When John Adams led the commonwealth's constitution effort in 1780, he was wary of hotheaded legislators responding to more hotheaded constituents. So, he included a procedure that continues. A proposed amendment must get a majority in a joint House/Senate vote twice – exact proposal in two consecutive years.
Since the first vote, a few things have changed:
- the new speaker of the House, Sal DiMasi, strongly supports same-sex marriage
- interim elections have added four pro-same-sex-marriage legislators
- three who had favored the amendment are rethinking their stances
- the Roman Catholic Church has backed off and no longer supports the amendment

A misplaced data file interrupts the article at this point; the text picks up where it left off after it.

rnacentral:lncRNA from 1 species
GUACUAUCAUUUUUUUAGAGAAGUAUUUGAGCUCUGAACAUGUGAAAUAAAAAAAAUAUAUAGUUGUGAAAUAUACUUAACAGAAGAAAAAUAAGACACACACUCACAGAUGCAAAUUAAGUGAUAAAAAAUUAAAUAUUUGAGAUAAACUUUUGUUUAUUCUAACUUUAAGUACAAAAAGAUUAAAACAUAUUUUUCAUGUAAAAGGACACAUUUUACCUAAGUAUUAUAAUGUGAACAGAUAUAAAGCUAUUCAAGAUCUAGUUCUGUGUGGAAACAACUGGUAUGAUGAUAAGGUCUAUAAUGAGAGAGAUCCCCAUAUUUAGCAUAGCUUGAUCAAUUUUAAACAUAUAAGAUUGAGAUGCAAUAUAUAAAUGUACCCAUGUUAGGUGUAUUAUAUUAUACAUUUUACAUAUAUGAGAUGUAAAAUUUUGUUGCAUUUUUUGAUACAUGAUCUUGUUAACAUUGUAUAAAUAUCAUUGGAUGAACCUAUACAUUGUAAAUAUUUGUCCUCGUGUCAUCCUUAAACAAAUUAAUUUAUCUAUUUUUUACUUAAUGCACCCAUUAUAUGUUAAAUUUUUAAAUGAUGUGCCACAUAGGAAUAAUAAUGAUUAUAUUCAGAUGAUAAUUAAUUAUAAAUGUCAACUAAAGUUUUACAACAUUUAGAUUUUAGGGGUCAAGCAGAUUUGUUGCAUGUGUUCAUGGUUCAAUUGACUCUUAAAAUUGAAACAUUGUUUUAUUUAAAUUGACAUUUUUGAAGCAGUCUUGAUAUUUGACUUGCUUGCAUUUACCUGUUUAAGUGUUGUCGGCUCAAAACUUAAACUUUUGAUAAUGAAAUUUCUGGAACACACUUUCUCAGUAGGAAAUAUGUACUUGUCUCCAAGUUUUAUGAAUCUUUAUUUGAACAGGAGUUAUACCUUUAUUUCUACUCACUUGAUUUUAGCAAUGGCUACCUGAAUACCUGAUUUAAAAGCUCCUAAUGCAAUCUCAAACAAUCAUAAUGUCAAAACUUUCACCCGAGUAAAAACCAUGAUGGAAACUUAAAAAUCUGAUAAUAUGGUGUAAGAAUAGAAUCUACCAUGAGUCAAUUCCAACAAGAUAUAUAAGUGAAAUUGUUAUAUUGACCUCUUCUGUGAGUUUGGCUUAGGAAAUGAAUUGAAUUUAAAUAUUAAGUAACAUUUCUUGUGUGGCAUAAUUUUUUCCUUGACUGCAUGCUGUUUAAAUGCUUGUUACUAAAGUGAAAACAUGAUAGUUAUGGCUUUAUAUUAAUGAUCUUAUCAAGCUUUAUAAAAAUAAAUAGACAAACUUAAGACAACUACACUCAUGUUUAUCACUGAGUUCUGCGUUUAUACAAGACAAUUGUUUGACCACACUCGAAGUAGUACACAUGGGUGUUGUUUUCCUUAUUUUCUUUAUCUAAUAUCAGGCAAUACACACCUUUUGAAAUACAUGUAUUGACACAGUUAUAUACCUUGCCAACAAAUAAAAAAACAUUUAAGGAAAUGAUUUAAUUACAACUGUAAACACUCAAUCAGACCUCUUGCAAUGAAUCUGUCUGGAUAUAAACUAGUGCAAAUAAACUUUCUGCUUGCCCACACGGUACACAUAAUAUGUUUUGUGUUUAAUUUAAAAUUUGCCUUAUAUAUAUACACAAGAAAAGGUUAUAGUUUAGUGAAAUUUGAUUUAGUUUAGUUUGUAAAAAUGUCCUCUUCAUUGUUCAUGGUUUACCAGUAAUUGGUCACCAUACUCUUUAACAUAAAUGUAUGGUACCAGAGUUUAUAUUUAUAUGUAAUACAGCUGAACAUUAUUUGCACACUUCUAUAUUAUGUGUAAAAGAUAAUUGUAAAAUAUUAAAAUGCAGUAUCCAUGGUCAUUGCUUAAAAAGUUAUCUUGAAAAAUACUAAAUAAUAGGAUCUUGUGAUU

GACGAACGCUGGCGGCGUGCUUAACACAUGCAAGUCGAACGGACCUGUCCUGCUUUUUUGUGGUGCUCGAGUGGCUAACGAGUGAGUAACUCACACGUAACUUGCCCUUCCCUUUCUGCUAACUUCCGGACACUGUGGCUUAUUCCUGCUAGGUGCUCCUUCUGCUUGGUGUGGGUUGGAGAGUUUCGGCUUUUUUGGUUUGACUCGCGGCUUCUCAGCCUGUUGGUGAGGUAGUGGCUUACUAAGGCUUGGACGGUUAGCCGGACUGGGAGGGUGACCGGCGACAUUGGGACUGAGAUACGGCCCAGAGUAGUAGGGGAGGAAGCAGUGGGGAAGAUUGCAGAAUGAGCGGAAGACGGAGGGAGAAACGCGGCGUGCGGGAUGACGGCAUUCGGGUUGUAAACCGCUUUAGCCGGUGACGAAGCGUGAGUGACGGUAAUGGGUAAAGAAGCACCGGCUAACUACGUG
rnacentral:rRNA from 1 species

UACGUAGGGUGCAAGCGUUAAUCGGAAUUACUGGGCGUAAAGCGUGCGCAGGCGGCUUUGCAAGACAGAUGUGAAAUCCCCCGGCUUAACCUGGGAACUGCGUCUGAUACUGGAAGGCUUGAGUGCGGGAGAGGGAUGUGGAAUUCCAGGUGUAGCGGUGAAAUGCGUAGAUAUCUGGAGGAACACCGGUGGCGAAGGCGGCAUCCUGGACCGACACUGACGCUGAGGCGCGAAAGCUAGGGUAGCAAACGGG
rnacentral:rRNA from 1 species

On the other hand, the match cannot be declared until the ballot initiative runs its course. That is likely the last gasp of the desperate, but they have as much right to play out their serve as anyone.
A serious problem for the cons is the lack of problems. Voters are increasingly complacent. The year of the queer marriage has not produced any issues. Straight marriages are the same as ever. Increasing numbers of voters say, "So what?"
Of course, legislators are not immune to the new reality. The cons may be left like the peasant standing in the field in Monty Python and the Holy Grail. Screaming, "Help. Help. I'm being oppressed," loses its edge pretty quickly.